During the discussion of further operational plans for Army warfare in the east, the Führer asks the Commander in Chief, Navy, to indicate what importance the ports of Stettin and Swinemünde have for our naval warfare. The Commander in Chief, Navy, points out that Stettin and Swinemünde provide the backbone for our naval supply tasks in the eastern Baltic Sea. The loss of these harbors would make troop transports and supply shipments in the Baltic depend entirely on the ports in the western Baltic. With the long routes in shallow water and the great danger from mines this would mean that the time of passage is doubled, particularly since the escort forces would have to carry a greater responsibility. Aside from that, Swinemünde is the decisive base for naval forces in that area. Its loss would also make it considerably more difficult for us to fight the Russians in the central and western Baltic. It would become impossible to continue using the deep sea areas east of Bornholm for submarine training, and we would be forced to limit such training to the sea areas of the western Baltic, which are very shallow and thus badly suited for the purpose. The loss of the dockyards in Stettin and Swinemünde would mean that repair capacity, which is already very limited, would be decreased even further. And finally, our resources for naval warfare would be concentrated in the western Baltic and would thus become all the more vulnerable from the air. All in all, it is of the utmost importance to naval warfare to hold the Stettin area.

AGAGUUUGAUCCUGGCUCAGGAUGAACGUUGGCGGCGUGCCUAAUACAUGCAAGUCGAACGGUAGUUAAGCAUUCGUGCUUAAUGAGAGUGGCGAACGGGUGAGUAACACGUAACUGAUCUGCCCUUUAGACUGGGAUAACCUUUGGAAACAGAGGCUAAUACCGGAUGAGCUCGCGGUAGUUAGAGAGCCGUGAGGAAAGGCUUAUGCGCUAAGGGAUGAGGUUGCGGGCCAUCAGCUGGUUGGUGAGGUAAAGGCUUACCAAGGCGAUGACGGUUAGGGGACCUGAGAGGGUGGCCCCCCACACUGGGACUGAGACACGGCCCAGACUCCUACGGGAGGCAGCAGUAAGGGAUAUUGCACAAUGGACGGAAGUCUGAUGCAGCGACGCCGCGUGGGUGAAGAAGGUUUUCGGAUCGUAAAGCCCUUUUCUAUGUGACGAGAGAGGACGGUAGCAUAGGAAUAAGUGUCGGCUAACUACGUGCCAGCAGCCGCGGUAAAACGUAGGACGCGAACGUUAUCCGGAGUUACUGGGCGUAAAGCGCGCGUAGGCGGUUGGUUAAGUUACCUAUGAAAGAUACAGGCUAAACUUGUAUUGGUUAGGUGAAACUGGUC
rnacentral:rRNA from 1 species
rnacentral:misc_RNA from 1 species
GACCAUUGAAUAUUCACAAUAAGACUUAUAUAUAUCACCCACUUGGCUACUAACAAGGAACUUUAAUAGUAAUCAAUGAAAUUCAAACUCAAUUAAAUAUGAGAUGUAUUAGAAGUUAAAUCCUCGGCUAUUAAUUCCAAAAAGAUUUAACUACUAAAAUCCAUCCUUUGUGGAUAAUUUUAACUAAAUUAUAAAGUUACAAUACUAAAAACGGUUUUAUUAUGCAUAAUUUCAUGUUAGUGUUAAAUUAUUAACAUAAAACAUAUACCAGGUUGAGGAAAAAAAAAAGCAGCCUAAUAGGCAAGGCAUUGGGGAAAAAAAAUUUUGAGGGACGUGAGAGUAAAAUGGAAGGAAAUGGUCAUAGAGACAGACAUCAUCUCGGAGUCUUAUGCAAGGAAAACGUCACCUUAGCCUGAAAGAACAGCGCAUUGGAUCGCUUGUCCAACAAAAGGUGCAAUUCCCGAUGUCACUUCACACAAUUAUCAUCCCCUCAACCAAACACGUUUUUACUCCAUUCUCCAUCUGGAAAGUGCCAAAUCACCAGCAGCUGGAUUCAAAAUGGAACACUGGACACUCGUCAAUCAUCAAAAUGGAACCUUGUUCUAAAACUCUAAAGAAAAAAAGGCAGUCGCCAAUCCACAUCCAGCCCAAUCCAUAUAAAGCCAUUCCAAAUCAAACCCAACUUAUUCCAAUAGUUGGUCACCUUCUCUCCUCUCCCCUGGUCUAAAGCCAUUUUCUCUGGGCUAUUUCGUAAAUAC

The Führer agrees with the statements of the Commander in Chief, Navy, and decides on the operational measures of the Army with them in mind.